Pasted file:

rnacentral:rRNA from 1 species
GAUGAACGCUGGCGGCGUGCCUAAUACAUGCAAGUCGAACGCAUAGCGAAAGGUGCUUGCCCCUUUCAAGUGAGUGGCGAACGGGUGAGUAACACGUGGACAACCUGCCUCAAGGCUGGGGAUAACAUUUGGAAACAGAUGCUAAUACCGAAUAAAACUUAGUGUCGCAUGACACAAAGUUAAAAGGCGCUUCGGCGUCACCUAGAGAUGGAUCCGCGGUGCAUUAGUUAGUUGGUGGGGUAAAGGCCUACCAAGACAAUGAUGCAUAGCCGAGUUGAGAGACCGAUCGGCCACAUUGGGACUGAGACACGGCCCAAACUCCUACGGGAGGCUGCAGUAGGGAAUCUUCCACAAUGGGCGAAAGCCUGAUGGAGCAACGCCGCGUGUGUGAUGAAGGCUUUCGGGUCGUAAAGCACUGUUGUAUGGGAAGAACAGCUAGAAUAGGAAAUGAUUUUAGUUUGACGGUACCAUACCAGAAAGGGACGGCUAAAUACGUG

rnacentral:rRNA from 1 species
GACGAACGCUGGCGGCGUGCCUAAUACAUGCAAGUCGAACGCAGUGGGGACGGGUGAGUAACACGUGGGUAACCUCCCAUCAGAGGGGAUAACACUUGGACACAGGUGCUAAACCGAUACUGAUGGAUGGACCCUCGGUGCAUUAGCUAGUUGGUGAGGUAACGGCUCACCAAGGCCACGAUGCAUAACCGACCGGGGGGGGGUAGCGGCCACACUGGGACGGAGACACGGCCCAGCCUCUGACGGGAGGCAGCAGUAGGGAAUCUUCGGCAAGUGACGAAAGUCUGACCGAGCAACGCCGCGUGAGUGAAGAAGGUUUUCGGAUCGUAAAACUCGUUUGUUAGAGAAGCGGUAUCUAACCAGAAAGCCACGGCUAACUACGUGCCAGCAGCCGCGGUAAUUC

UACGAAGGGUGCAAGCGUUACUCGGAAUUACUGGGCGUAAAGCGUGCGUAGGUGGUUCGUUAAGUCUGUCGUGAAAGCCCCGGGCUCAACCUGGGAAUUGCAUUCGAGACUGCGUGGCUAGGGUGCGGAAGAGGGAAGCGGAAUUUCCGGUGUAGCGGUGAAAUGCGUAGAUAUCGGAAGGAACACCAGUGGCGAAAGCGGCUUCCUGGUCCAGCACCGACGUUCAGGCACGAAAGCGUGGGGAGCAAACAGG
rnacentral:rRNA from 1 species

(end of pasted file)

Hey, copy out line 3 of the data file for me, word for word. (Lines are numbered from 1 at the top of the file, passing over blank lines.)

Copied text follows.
rnacentral:rRNA from 1 species